This chapter demonstrates the relevance of blasphemy to literary study and to modernist scholarship in particular. The very term blasphemy denotes a specifically verbal mode of religious transgression that rewards a close textual analysis—yet modernist writers also complicate that definition by creating viscerally embodied literary forms that seek to exceed blasphemy’s status as text. Such forms reflect an “aesthetics of sacrilege” that complements these writers’ habitual recourse to “transgressive typology”: the subversive repurposing of scriptural themes to achieve radical formal and political ends. Throughout, this chapter explores the ambivalence with which modernist writers engage the putative death of God. Relentlessly profaning the very religious traditions from which they derive much of their own literary aesthetics, they also reaffirm those traditions’ enduring status as sacred: an observation that holds even in the most brazenly irreverent of modernist texts.
1. “For This Is My Body”
James Joyce’s Unholy Office
This chapter posits the novels of James Joyce as paradigmatic of how blasphemy works in, and as, literary modernism. Modeled on the mystery of the Eucharist, Joyce’s art typifies modernism’s profane exercises in literary transubstantiation. At the same time, his fictions provide a case study in how the rhetoric of blasphemy can be deployed against the repressive mechanisms of sacred and secular power, including Catholic orthodoxy as well as the ideologies of both British imperialism and Irish nationalism. A careful attention to Joyce’s blasphemies thus elucidates the author’s complex negotiations of church and state, flesh and word, textuality and the body.
2. Blasphemy and the New Woman
Mina Loy’s Profane Communions
This chapter examines Mina Loy’s poetics of profanation, which persistently integrates religion, text, and the erotic body to highly blasphemous effect. In poems such as “Parturition” (1914) and Songs to Joannes (1917), she refigures Father and Son as a pro-creative mother and a crucified female Christ; throughout her work, she persistently unites sexuality and sacrament in profane communion. Subscribing to an idiosyncratic version of Christian Science, Loy held carnal desire and its consummation to be sacred above all else; their betrayal at the hands of repressive institutions and ideologies, both ecclesiastical and otherwise, were for her desecrations of the true spirit of Christianity. Accordingly, her poems and prose works use the rhetoric of blasphemy to profane those institutions and ideologies in turn.
3. Blasphemy and the New Negro
Black Christs, “Livid Tongues”
This chapter shows how Alain Locke’s New Negro anthology and the works of Harlem’s self-styled “Niggeratti”—including Richard Bruce Nugent, Wallace Thurman, Zora Neale Hurston, and Langston Hughes—produce a cultural dialogue out of the dueling rhetorics of prophecy and profanation. Offering itself as a New Testament for black culture, The New Negro presents its titular figure as a Christlike redeemer whose advent is invoked repeatedly, from the child pictured in the arms of its frontispiece Madonna to the “black apostle” imagined in the final essay by W. E. B. Du Bois. The Niggeratti, in subsequent works—including their provocative little magazine Fire!!—respond in often stridently blasphemous ways. Profaning Locke’s programmatic vision as well as Christianity itself, the Niggeratti’s two-pronged offensive typifies blasphemy’s status as the preferred modernist idiom in which to critique both sacred and secular authority.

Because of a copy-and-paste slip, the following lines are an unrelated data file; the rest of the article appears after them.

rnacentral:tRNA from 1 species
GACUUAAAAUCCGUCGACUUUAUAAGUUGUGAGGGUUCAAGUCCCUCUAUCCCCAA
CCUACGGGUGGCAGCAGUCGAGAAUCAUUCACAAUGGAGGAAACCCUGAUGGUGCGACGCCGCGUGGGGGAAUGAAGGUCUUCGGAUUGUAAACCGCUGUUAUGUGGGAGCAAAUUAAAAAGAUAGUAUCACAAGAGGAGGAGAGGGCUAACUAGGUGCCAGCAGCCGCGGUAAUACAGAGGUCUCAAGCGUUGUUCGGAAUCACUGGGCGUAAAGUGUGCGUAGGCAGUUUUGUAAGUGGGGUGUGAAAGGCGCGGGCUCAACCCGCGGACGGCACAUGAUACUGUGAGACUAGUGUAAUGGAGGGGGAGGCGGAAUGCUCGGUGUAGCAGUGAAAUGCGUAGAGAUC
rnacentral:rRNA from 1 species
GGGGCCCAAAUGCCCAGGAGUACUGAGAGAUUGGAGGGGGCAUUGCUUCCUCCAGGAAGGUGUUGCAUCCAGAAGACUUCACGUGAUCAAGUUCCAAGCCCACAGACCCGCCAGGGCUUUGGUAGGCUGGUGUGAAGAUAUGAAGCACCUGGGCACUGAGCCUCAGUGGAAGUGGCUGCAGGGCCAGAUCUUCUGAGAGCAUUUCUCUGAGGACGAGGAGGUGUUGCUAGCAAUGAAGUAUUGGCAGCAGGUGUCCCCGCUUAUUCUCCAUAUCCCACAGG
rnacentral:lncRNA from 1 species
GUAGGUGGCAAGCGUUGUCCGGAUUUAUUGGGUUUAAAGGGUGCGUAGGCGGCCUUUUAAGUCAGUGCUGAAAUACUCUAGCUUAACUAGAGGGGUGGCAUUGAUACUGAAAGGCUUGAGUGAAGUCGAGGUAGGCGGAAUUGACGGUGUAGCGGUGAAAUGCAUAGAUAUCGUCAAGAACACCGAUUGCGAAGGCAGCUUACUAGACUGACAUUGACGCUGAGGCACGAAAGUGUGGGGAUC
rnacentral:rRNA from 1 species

4. Go Down, Djuna
The Art of “Transcendence Downward”
This chapter turns to the interwar period’s reigning assumptions about homosexuality as “sexual inversion,” and to the satiric demolition those assumptions undergo in the works of Djuna Barnes. In accordance with its trademark inversions of the sacred, blasphemy serves Barnes as a uniquely effective means to turn modern sexology on its head. As with James Joyce’s “New Womanly Man,” Mina Loy’s “New Woman,” and the Niggeratti’s irreverent revisions of “the New Negro,” Barnes conscripts a blasphemous aesthetic into the service of articulating a distinctively modernist identity: in this case a queer identity unaccounted for by the period’s popular and scientific discourses of gender and desire.
To Be as Gods
Modernist writers have often engaged God as an object of both imaginative identification and profanation, at once emulating and blaspheming a deity memorably pronounced dead in the latter part of the nineteenth century. Such an ambivalent response to God’s “death” betrays revealing structural affinities with the psychodynamics of Freudian melancholia; just as the melancholiac both incorporates and abuses a lost love-object, so these writers profane their lost God while also yielding to the original biblical temptation “to be as gods.” This chapter surveys the modernist artist-god as he (or she) appears in works by writers including Mina Loy, Djuna Barnes, Wallace Stevens, and, finally, Salman Rushdie, whose novel The Satanic Verses provides a demonstration of how modernism persists in postwar anglophone literature—and of the critical role blasphemy plays in that persistence.